How longer the tired bull will keep running?

Article by ForexTime

Led by Wall Street, global equity markets continued to enjoy one of their best starts in eight years. The Japan’s Nikkei 225 marched to a new 26-year high after the S&P 500 and Nasdaq Composite set record closes in the previous session. In Europe, the FTSE 100 made a new high on Monday before retreating slightly to close 0.36% lower, meanwhile the German Dax is only 1.2% shy of its all-time peak reached in October last year.

There’s no reason not to be optimistic when global growth is expected to run above average; inflation remains muted, and U.S. tax reforms are driving up U.S. corporate profits forecasts at the fastest pace in more than a decade.

Many skeptical equity investors are not willing to call the end of the bull market, given that contrarians who challenged common market beliefs in 2017 missed the rally. However, this doesn’t necessarily mean there is no reason not to be worried.

From a valuation perspective, few can argue that stock valuations, particularly in the U.S. are overstretched, despite the upgraded earnings forecasts. When looking at the cyclically adjusted price to earnings multiple “CAPE” it is currently above 33, a level last seen during the dot-com bubble. However, this indicator has been suggesting that stocks are expensive for the past two years, but there are still no signs of the bulls giving up. This is due to the low-interest rate environment, which wasn’t the case in 2000 or 1929.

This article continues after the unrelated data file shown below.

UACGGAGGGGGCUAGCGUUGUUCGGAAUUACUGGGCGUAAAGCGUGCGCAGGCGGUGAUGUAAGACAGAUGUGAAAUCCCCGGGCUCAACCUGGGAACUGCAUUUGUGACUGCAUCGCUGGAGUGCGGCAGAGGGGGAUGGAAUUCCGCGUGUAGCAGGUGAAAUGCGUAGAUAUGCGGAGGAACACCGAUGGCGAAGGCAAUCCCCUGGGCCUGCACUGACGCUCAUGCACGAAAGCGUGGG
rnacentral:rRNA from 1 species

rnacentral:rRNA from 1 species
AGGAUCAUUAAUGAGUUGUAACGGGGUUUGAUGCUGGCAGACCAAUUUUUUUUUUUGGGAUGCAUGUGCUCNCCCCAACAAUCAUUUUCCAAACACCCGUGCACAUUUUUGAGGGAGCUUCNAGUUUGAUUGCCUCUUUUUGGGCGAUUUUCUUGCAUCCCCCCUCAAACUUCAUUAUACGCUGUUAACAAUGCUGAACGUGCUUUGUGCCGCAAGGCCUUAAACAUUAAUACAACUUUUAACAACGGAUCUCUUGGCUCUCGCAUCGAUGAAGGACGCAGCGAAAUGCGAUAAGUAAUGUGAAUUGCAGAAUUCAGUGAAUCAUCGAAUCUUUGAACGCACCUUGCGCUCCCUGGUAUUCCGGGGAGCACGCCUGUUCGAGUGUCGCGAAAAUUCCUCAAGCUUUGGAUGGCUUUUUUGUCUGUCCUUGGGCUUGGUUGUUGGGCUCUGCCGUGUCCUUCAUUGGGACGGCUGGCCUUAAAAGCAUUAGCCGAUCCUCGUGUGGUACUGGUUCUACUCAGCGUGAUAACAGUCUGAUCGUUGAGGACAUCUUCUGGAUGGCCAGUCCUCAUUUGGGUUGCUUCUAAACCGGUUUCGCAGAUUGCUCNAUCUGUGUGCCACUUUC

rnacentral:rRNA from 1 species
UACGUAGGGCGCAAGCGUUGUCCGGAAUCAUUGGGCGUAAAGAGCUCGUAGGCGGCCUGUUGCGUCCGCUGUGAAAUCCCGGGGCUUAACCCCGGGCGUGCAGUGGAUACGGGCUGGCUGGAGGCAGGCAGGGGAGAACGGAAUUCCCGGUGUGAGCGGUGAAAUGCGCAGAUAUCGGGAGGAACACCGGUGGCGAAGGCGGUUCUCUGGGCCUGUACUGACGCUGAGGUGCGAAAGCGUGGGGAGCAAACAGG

The 45% rally in the S&P 500 during the past two years has driven down dividend yields to below 1.9% which is now lower than the returns on 2-year treasury notes. At the moment it appears that investors are not too worried about rising short-term interest rates, but the outlook will likely change when yields in the longer term start to increase.

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Today the Bank of Japan announced a reduction of buying JGBs by 20 billion yen. Although it’s considered a slight tweak in monetary policy, this may mean that further tightening is on the cards, despite BoJ’s Kuroda signaling at December’s meeting that no monetary policy tightening was imminent.

I expect to see further actions from major central banks to tighten policy through reducing stimulus and raising interest rates, as low inflation will not last forever. Such actions will likely lead to rapid appreciation in bond yields across Europe and the U.S. which could be the first signal of an equity market correction.

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